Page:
I went over it and noticed that the oil fill tube and dipstick was missing. I told the seller and is going to take care of it, also missing was one of the zerk fittings in the auger. I was able to get a new from Autozone. I greased the Auger. One of the shear bolts was replaced with a regular bolt. Ordered new shear pins.

Engine works fine. It starts.

I wanted to do an impeller modification so I went to Home Depot and got self drilling screws and washers. For the rubber material I went to a mechanic's garage and asked for an old tire. Got that for free.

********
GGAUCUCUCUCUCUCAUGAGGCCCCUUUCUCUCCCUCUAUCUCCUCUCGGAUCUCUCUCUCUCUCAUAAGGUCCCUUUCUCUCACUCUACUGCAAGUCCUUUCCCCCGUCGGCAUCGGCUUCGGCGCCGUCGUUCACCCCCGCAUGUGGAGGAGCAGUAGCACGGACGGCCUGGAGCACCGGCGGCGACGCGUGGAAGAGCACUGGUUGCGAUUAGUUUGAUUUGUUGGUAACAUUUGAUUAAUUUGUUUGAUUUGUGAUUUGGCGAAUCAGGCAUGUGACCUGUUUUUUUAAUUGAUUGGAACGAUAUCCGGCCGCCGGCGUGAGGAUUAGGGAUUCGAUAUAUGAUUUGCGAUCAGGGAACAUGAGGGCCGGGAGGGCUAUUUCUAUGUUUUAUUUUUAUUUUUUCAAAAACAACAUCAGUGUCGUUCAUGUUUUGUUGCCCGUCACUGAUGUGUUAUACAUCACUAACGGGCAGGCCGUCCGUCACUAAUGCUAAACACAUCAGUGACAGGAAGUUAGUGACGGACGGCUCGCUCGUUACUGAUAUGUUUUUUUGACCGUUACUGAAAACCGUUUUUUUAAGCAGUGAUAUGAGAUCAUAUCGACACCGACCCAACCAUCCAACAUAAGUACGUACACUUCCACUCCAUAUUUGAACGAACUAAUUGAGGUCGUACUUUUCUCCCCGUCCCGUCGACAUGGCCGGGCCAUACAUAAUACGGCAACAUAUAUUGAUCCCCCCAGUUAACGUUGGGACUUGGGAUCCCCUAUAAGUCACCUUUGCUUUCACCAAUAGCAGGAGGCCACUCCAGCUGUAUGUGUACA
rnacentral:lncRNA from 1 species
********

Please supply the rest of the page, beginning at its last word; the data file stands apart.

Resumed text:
Not knowing on how to proceed on cutting the sidewall, I took a Dremel with a cutting wheel.


There was burning smoke and melting rubber flying everywhere!! I did this on my back porch and the door was open, the insides of my house smell like a drag race. (Maybe I should watch Fast & Furious)

My hoodie was splattered with melting rubber (dammit!!! I just washed it) and my hands was all black from handling the tire.

Soooo guess what? Utility knife works just great. Hmmm hindsight! I discovered that nitrile gloves keep your hands clean.

I cut the pieces to size by clamping the pieces to the workbench and cutting with the utility knife.

It got dark so I suspended work, If have time I might install them tomorrow.

Hopefully it go well. Optimism!

I still have to check the belt.